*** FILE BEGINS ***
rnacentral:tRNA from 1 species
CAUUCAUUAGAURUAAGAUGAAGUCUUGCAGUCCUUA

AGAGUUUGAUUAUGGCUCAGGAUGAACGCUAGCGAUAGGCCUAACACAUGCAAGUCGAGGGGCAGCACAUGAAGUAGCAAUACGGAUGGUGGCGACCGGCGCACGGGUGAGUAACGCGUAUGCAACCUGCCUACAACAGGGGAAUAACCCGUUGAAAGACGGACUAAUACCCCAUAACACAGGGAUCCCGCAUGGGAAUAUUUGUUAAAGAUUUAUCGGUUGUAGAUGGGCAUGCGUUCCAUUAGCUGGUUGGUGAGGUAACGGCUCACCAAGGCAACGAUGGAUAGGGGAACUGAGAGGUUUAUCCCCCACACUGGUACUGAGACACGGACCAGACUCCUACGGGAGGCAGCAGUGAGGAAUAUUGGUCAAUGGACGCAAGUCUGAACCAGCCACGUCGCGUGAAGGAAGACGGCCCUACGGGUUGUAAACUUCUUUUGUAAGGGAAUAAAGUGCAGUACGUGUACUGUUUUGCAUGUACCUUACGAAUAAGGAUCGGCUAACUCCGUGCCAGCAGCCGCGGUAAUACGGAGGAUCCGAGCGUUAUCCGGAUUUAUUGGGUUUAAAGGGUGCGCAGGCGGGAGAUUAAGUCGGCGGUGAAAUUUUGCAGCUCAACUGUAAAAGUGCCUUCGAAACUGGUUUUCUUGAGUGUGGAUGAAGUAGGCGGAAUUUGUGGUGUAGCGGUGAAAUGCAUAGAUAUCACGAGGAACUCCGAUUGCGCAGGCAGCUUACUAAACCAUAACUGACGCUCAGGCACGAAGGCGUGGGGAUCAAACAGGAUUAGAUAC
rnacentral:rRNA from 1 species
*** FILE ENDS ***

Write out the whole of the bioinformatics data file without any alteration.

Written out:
rnacentral:tRNA from 1 species
CAUUCAUUAGAURUAAGAUGAAGUCUUGCAGUCCUUA

AGAGUUUGAUUAUGGCUCAGGAUGAACGCUAGCGAUAGGCCUAACACAUGCAAGUCGAGGGGCAGCACAUGAAGUAGCAAUACGGAUGGUGGCGACCGGCGCACGGGUGAGUAACGCGUAUGCAACCUGCCUACAACAGGGGAAUAACCCGUUGAAAGACGGACUAAUACCCCAUAACACAGGGAUCCCGCAUGGGAAUAUUUGUUAAAGAUUUAUCGGUUGUAGAUGGGCAUGCGUUCCAUUAGCUGGUUGGUGAGGUAACGGCUCACCAAGGCAACGAUGGAUAGGGGAACUGAGAGGUUUAUCCCCCACACUGGUACUGAGACACGGACCAGACUCCUACGGGAGGCAGCAGUGAGGAAUAUUGGUCAAUGGACGCAAGUCUGAACCAGCCACGUCGCGUGAAGGAAGACGGCCCUACGGGUUGUAAACUUCUUUUGUAAGGGAAUAAAGUGCAGUACGUGUACUGUUUUGCAUGUACCUUACGAAUAAGGAUCGGCUAACUCCGUGCCAGCAGCCGCGGUAAUACGGAGGAUCCGAGCGUUAUCCGGAUUUAUUGGGUUUAAAGGGUGCGCAGGCGGGAGAUUAAGUCGGCGGUGAAAUUUUGCAGCUCAACUGUAAAAGUGCCUUCGAAACUGGUUUUCUUGAGUGUGGAUGAAGUAGGCGGAAUUUGUGGUGUAGCGGUGAAAUGCAUAGAUAUCACGAGGAACUCCGAUUGCGCAGGCAGCUUACUAAACCAUAACUGACGCUCAGGCACGAAGGCGUGGGGAUCAAACAGGAUUAGAUAC
rnacentral:rRNA from 1 species